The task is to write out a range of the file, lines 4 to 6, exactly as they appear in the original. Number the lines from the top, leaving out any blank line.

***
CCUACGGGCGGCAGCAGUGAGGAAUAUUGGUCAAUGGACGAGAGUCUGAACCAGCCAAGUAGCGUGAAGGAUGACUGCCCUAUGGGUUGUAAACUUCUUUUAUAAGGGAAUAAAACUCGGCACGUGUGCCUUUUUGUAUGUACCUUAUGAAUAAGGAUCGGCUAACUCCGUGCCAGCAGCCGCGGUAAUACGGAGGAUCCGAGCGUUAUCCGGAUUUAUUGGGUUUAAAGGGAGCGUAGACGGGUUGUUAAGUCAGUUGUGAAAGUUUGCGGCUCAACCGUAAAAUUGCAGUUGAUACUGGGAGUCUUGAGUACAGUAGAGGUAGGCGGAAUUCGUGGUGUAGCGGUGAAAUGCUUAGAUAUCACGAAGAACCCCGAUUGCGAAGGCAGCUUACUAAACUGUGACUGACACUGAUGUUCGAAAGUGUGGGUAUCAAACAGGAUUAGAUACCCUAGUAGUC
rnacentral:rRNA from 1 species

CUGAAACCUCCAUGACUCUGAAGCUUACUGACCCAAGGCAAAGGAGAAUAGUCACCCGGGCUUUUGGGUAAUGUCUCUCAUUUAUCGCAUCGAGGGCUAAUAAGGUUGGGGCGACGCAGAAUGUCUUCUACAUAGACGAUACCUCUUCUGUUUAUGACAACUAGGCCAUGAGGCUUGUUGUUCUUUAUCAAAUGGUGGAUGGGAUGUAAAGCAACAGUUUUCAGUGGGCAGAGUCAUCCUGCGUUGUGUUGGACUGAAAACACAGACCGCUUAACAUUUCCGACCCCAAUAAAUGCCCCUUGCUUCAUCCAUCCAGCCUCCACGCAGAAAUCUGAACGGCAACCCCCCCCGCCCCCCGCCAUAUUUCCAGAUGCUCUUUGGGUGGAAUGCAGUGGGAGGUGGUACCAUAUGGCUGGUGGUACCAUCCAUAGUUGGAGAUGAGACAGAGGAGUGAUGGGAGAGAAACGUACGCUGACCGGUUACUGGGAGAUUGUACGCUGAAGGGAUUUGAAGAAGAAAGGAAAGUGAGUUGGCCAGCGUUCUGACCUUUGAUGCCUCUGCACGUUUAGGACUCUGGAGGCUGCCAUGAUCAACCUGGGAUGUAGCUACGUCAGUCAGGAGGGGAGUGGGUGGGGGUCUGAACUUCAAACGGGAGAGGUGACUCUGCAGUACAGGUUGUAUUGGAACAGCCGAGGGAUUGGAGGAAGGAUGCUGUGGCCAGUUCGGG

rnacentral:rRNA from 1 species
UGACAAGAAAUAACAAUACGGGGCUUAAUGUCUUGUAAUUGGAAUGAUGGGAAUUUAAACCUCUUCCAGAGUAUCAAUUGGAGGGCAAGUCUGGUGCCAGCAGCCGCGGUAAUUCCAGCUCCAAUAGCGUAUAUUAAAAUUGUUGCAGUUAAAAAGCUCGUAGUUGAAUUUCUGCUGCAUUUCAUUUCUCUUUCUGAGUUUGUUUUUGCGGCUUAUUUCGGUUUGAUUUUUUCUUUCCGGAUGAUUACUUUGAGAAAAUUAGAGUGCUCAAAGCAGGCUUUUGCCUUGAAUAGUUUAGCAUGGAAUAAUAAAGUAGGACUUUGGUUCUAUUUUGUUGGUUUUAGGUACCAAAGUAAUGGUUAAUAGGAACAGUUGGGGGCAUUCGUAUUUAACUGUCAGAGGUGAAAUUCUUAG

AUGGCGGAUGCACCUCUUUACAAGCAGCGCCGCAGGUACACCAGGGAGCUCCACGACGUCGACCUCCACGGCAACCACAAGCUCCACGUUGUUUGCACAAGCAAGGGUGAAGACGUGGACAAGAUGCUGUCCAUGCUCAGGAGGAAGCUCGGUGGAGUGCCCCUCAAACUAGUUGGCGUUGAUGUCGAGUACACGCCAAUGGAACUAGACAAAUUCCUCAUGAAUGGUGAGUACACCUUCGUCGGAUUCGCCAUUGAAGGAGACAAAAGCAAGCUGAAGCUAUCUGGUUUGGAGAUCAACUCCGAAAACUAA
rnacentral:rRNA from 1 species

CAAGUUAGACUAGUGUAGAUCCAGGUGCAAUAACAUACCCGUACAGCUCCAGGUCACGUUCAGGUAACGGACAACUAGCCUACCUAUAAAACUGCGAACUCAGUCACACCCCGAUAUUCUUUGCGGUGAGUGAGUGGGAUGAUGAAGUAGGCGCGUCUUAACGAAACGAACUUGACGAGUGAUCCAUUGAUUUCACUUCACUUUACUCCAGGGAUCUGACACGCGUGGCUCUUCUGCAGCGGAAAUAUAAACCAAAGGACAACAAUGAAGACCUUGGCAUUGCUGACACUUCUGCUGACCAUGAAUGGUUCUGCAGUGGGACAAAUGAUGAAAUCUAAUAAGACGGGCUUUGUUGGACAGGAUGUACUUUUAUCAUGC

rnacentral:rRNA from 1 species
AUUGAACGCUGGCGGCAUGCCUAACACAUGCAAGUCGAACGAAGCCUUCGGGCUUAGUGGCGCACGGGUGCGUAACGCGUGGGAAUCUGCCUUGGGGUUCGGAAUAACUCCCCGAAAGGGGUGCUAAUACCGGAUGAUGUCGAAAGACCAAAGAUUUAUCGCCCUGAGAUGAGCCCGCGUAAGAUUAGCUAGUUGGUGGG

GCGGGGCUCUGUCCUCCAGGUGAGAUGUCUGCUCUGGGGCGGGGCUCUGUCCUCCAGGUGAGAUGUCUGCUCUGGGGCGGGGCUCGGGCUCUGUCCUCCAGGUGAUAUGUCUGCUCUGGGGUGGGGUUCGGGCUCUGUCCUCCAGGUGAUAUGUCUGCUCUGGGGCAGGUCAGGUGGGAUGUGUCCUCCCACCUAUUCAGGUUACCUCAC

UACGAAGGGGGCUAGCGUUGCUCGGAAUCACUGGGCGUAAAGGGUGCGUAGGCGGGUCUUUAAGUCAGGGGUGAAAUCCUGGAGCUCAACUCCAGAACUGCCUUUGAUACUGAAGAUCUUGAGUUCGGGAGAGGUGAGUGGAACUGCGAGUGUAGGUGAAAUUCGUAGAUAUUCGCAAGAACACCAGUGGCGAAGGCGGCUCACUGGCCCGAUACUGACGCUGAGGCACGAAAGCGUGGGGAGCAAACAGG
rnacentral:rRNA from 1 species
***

rnacentral:rRNA from 1 species
UGACAAGAAAUAACAAUACGGGGCUUAAUGUCUUGUAAUUGGAAUGAUGGGAAUUUAAACCUCUUCCAGAGUAUCAAUUGGAGGGCAAGUCUGGUGCCAGCAGCCGCGGUAAUUCCAGCUCCAAUAGCGUAUAUUAAAAUUGUUGCAGUUAAAAAGCUCGUAGUUGAAUUUCUGCUGCAUUUCAUUUCUCUUUCUGAGUUUGUUUUUGCGGCUUAUUUCGGUUUGAUUUUUUCUUUCCGGAUGAUUACUUUGAGAAAAUUAGAGUGCUCAAAGCAGGCUUUUGCCUUGAAUAGUUUAGCAUGGAAUAAUAAAGUAGGACUUUGGUUCUAUUUUGUUGGUUUUAGGUACCAAAGUAAUGGUUAAUAGGAACAGUUGGGGGCAUUCGUAUUUAACUGUCAGAGGUGAAAUUCUUAG

AUGGCGGAUGCACCUCUUUACAAGCAGCGCCGCAGGUACACCAGGGAGCUCCACGACGUCGACCUCCACGGCAACCACAAGCUCCACGUUGUUUGCACAAGCAAGGGUGAAGACGUGGACAAGAUGCUGUCCAUGCUCAGGAGGAAGCUCGGUGGAGUGCCCCUCAAACUAGUUGGCGUUGAUGUCGAGUACACGCCAAUGGAACUAGACAAAUUCCUCAUGAAUGGUGAGUACACCUUCGUCGGAUUCGCCAUUGAAGGAGACAAAAGCAAGCUGAAGCUAUCUGGUUUGGAGAUCAACUCCGAAAACUAA